Five Ways to Protect Customer Credit Card Information

Email     |     Share  
1 | 2 | 3 | 4 | 5 | 6 | 7
Next Five Ways to Protect Customer Credit Card Information-6 Next

To avoid one of the biggest PCI compliance risks, you should do everything in your power to not store credit cards numbers. Look for a payments provider whose platform is designed so credit card information is never stored at your business site or on your business software. Your provider should be able to process the transaction and then store your customers’ card information in a secure “vault” in the cloud. They should provide you with an encrypted ID, so when you want to do another transaction for that same customer, your software can pass the payments provider the encrypted ID so your company never comes in contact with the stored credit card data.

According to a March 13 report from the Commerce Department, retail sales increased 1.1 percent in February, to $421.4 billion, marking the biggest surge in the retail space since last September. Elevated sales numbers mean additional credit card transactions and, as a result, an increased risk for fraud.

A recent report from Javelin Strategy & Research found that credit card fraud has increased an alarming 87 percent since 2010 and accounted for a cumulative total loss of approximately $6 billion. Despite mounting evidence of this growing epidemic, loss as a result of credit card fraud has remained the proverbial elephant in the room for many businesses.

Organizations need to increase their awareness of this growing threat and the rather simple steps they can take to prepare themselves. Here are five tips, identified by Rob Bertke, senior vice president of research & development, Sage Payment Solutions, for businesses of all sizes to keep in mind as they navigate through the economic climate in 2013 and beyond.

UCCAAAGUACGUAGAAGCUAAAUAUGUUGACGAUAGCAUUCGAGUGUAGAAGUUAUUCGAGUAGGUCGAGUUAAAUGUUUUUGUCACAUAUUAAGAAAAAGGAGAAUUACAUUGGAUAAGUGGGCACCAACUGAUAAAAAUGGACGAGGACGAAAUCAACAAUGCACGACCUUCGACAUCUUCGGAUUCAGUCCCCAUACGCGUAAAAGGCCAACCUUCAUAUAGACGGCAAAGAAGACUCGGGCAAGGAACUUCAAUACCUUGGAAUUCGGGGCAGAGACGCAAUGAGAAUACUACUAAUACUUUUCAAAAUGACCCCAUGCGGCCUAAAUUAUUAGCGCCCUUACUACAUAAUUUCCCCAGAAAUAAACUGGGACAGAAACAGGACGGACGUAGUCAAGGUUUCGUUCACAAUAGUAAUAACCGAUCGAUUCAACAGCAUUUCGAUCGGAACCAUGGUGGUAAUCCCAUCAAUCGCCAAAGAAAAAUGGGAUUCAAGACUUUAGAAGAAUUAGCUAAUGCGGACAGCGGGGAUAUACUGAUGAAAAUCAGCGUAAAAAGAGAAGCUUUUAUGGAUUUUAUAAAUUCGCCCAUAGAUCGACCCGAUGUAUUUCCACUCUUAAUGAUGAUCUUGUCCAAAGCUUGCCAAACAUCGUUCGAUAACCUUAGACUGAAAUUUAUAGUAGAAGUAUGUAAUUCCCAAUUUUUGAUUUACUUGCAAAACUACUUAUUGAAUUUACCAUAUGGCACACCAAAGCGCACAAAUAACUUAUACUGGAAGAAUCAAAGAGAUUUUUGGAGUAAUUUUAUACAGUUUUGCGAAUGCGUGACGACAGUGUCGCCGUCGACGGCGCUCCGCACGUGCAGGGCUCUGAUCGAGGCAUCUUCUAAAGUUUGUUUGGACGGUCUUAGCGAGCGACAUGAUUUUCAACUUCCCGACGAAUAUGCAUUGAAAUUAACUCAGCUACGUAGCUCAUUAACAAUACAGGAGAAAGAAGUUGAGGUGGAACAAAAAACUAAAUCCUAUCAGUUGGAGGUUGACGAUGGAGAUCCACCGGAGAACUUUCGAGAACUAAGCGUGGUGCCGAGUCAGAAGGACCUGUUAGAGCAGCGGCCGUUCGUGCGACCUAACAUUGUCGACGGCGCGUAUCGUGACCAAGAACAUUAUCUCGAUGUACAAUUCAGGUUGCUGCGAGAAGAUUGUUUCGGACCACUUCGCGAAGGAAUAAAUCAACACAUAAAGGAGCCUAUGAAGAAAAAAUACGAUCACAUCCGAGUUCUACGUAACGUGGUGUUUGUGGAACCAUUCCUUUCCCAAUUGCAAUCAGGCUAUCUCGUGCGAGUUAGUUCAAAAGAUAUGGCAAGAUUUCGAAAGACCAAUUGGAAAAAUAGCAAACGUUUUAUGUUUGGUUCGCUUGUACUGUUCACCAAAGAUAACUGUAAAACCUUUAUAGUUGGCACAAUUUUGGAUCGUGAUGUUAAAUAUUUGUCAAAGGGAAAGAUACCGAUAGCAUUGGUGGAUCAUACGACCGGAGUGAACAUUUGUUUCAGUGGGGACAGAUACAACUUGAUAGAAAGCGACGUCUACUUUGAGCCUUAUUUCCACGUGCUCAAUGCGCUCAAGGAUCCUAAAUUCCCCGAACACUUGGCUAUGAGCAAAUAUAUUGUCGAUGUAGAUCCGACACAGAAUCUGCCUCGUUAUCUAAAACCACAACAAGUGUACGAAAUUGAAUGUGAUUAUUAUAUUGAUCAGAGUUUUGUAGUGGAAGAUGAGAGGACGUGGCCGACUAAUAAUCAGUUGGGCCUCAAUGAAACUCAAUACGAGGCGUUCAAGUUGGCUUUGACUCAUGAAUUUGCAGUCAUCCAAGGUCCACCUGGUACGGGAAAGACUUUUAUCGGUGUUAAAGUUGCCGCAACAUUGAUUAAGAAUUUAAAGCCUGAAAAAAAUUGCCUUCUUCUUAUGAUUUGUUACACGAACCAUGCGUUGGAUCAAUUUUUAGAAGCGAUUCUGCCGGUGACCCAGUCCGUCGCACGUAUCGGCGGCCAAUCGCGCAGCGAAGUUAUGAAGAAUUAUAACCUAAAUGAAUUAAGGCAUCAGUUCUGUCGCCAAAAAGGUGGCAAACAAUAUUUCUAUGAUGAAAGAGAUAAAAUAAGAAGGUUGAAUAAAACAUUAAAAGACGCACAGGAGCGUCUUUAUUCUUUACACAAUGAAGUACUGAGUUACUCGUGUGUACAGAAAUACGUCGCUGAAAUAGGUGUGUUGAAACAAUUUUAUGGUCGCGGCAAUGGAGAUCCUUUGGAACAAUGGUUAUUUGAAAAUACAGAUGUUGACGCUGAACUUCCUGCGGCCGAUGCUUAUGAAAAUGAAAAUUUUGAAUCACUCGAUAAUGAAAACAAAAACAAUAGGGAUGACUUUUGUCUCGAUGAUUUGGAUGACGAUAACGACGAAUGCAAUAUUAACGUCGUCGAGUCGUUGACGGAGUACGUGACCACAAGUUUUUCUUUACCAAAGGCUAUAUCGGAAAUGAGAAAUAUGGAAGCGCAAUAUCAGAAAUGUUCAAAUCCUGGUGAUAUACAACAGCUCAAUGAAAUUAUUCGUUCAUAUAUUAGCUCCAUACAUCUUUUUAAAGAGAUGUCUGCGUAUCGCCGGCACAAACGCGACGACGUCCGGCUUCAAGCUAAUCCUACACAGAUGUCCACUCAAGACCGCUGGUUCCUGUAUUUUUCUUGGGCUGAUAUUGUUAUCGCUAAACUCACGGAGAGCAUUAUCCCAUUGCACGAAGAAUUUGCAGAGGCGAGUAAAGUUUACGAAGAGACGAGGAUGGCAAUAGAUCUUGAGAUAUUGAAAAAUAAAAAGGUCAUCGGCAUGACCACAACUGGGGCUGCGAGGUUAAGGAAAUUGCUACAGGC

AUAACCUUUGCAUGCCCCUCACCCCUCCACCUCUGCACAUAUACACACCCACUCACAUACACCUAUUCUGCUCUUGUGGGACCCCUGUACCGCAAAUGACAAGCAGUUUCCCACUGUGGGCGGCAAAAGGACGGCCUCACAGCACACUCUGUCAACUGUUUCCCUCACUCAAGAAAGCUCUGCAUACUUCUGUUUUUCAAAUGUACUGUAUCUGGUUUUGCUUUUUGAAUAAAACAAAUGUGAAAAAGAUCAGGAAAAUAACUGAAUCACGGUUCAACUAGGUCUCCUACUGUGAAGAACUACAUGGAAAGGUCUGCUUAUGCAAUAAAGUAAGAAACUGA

According to a March 13 report from the Commerce Department, retail sales increased 1.1 percent in February, to $421.4 billion, marking the biggest surge in the retail space since last September. Elevated sales numbers mean additional credit card transactions and, as a result, an increased risk for fraud.

A recent report from Javelin Strategy & Research found that credit card fraud has increased an alarming 87 percent since 2010 and accounted for a cumulative total loss of approximately $6 billion. Despite mounting evidence of this growing epidemic, loss as a result of credit card fraud has remained the proverbial elephant in the room for many businesses.

Organizations need to increase their awareness of this growing threat and the rather simple steps they can take to prepare themselves. Here are five tips, identified by Rob Bertke, senior vice president of research & development, Sage Payment Solutions, for businesses of all sizes to keep in mind as they navigate through the economic climate in 2013 and beyond.

 

Related Topics : Unisys, Stimulus Package, Security Breaches, Symantec, Electronic Surveillance

 
More Slideshows

PAM PAM Solutions: Critical to Securing Privileged Access

To protect the company from those insiders who abuse their privileged access and from hackers with stolen credentials, many companies are turning to a privileged access management (PAM) solution. ...  More >>

Fake news How Can We Fix the Fake News Problem?

Is fake news a security issue? Some say yes, as it can be used as a social engineering tool to spread disinformation and conceivably to get unsuspecting users to click on malicious links. ...  More >>

blockchain The World According to Blockchain

Blockchain comes with many costs and is surrounded by confusion. Here, we examine realistic use cases, drawbacks and the potential of blockchain. ...  More >>

Subscribe to our Newsletters

Sign up now and get the best business technology insights direct to your inbox.